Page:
Dell chooses Blu-ray format for notebook

In addition to reading and writing data to discs, Dell's notebook could serve as hub for home entertainment

Dell Inc. added Blu-ray disc capability to its notebook PC line on Monday, making an effort to compete with Sony Corp. and Toshiba Corp. in the growing market for mobile high-definition video platforms.

In addition to showing high-end movies and games, Dell's XPS M1710 notebook could serve as a central node to support digital entertainment throughout the home, the company said. Customers can save 50G bytes of either data or video on a single Blu-ray disc.

The ability to read and write data to the discs differentiates Blu-ray from HD-DVD, the competing standard for high-definition video, analysts said. Laptops with HD-DVD capability have lower prices but cannot save data to the discs, said Samir Bhavnani, research director at Current Analysis Inc.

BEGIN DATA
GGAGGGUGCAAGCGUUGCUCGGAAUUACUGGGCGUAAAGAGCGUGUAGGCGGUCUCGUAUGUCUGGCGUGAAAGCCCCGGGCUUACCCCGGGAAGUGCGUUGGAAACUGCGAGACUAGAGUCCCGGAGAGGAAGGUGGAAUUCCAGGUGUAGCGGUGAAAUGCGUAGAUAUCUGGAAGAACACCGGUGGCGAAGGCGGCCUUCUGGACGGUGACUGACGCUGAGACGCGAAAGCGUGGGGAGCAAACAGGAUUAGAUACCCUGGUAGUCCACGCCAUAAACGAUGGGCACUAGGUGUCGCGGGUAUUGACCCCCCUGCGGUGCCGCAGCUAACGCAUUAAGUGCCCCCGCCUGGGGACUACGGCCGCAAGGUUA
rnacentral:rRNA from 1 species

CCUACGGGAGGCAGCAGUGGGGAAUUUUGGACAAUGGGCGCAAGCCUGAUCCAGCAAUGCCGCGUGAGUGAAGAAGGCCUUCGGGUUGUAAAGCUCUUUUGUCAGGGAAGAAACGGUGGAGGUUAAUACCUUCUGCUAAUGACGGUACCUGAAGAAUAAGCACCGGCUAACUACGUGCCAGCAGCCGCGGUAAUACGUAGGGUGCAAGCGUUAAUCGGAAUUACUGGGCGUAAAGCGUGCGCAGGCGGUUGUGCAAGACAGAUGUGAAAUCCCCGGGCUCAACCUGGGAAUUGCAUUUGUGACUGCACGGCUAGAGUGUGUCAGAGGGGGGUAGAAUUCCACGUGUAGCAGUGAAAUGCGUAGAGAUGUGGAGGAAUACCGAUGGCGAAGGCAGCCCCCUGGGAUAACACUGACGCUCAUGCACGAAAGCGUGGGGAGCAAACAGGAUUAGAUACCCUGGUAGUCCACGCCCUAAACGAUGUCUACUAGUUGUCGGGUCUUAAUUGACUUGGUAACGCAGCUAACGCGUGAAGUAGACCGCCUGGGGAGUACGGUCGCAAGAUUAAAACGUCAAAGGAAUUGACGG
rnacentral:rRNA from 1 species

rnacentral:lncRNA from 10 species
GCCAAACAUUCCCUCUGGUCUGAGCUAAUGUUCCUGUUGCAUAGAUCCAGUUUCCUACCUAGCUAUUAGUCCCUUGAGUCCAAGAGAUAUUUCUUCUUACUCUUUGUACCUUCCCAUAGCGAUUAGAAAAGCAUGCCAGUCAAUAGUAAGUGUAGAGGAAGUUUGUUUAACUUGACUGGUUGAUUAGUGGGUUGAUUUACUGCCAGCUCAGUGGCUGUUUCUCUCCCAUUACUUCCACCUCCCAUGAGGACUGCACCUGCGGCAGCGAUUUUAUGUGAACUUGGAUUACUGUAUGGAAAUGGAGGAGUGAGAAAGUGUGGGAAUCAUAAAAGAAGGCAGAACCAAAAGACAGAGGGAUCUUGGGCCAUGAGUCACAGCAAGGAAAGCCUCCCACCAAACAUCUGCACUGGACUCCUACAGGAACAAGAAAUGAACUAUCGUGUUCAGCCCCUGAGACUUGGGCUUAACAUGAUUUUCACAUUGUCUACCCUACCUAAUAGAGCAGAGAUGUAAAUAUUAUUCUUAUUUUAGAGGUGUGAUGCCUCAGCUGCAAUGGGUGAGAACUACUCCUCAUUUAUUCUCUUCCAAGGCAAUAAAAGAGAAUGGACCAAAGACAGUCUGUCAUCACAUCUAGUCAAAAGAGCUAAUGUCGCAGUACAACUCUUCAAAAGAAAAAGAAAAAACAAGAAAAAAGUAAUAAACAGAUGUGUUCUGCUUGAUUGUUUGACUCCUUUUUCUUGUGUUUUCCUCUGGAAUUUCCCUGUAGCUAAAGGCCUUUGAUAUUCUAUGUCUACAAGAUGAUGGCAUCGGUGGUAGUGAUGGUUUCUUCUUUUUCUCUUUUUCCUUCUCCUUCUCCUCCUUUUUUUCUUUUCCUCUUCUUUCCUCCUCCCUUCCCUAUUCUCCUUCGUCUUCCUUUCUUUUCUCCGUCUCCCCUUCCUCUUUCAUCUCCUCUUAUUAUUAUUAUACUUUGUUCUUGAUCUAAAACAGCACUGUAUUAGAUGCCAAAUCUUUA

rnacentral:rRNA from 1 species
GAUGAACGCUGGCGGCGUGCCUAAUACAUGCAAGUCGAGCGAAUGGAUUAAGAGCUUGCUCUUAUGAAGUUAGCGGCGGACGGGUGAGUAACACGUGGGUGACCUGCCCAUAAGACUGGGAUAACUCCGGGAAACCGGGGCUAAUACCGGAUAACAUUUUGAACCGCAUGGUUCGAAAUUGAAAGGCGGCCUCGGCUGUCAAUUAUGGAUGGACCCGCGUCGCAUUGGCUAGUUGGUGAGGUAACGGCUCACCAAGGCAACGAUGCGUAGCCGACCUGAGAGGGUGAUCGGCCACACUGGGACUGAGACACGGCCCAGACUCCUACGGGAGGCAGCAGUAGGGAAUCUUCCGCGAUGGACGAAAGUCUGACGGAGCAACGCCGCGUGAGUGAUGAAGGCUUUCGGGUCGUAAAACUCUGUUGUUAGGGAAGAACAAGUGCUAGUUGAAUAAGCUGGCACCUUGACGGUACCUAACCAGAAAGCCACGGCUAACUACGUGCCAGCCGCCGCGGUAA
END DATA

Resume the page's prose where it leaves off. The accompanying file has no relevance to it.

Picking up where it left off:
"You are starting to see the different camps emerge within the computing companies, with Toshiba and Acer on the HD-DVD side and Sony and Dell on the Blu-ray side," he said. Sony's Vaio VGN-AR270 uses Blu-ray discs, while Acer Co. Ltd.'s notebook and Toshiba's Qosmio G35-AV650 use HD-DVD.

Blu-ray and HD-DVD are improvements over standard DVD optical discs; they hold more data and let users watch high-definition video. All three techniques are optical discs, storing data in a binary form that is read by a scanning laser. But a Blu-ray disc can hold five times the capacity of a dual-layer DVD, Dell said.

Movie studios and video game producers are eager to sell films on the new media, but the flow of new titles is only a trickle so far because content providers and hardware vendors can't decide which standard will prevail.

Pricing starts at US$3,699 for the XPS M1710, including an Intel Corp. Core 2 Duo processor with 4G bytes of memory and up to 160G bytes of storage on a serial ATA hard drive.

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